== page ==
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A Moving Target: What You Need to Know About Drone Regulations

Drone models currently being used by the authors for instruction and research include the fixed-wing 3D Robotics Aero M (back) and (front, left to right) the DJI Phantom 4 Pro, DJI Inspire 2 and DJI Inspire 1. Credit: William C. Johnson.

With 2.5 million drones sold in the U.S. in 2016 and annual drone sales expected to reach 7 million by 2020, the laws and rules that govern unmanned aerial systems (UASs) could one day be as important to know as your local tax code. In the July issue of EARTH, University of Kansas Professor William C. Johnson and graduate student Dakota J. Burt write an introduction to drone regulations, highlighting the ever-shifting legal landscape, which has implications for hobbyists, commercial drone pilots, and geoscientists.

Burying the Sky: Turning Carbon Dioxide Into Rock

Carbon capture and storage (CCS) has been an energy industry practice for decades, originating as a mechanism to enhance oil and gas recovery. But carbon dioxide gas is tricky to capture, and even trickier to store: Without airtight sealants and careful monitoring, the gas seeps up through cracks in the subsurface and quickly reenters the atmosphere. But what if the carbon dioxide could be instead stored as rock?

The Origins of Plate Tectonics

Plate tectonics has been a centerpiece of earth science for decades, but Earth didn't always have tectonic plates. As the planet coalesced from cosmic dust approximately 4.6 billion years ago, it had a single, unbroken lithosphere. So how and when did the plates break apart and begin their seemingly never-ending round of musical chairs?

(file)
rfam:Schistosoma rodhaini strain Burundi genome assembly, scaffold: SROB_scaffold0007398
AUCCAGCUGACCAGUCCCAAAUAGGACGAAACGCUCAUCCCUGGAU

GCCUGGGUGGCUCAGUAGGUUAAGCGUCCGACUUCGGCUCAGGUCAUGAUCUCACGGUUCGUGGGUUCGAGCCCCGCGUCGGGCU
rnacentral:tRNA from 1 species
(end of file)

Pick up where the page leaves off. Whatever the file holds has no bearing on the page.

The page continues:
EARTH Interviews NHC Director During Hurricane Awareness Week

On May 9, EARTH News Editor Timothy Oleson went to check out the National Hurricane Awareness Tour's stop in Washington, D.C., at Ronald Reagan National Airport, where he sat down with National Hurricane Center (NHC) director Rick Knabb to learn more about the tour and efforts to track and forecast tropical storms.

Prominent Pesticides Escape Into the Environment

A silent spring and a summer without honey? Current events have renewed interest in science that informs us about the health of our environment. In EARTH Magazine's May cover story, read about efforts to track where and how certain pesticides are making their way offsite, staying in the environment for longer than previously thought, and potentially endangering beneficial species like honey bees and aquatic invertebrates.

New in EARTH Magazine: Crazy Times in the Arctic

Arctic sea ice extent for March 24, 2016, was the lowest on record. Credit: NSIDC
Over the past several decades, the Arctic has warmed roughly twice as fast as the rest of the planet. Record low sea-ice extents, thawing permafrost, and accelerated melting of the Greenland Ice Sheet are consequences of this uneven warming, according to Mark C. Serreze, the director of the National Snow and Ice Data Center in Boulder, Colo. In the March issue of EARTH Magazine, Serreze brings insight and context to the latest Arctic measurements.
 

Downgrading the Great Dying

It makes for a dramatic narrative: Roughly 252 million years ago, a mass extinction event killed up to 96 percent of marine life, earning an infamous name in the geologic record, "the Great Dying." However, a new study suggests that this cataclysmic event has been overestimated. In the February issue of EARTH Magazine, read how a University of Hawaii paleontologist is improving our understanding of mass extinction events by exploring the effects of natural variability on background extinction levels, revealing a clearer signal in the noise.
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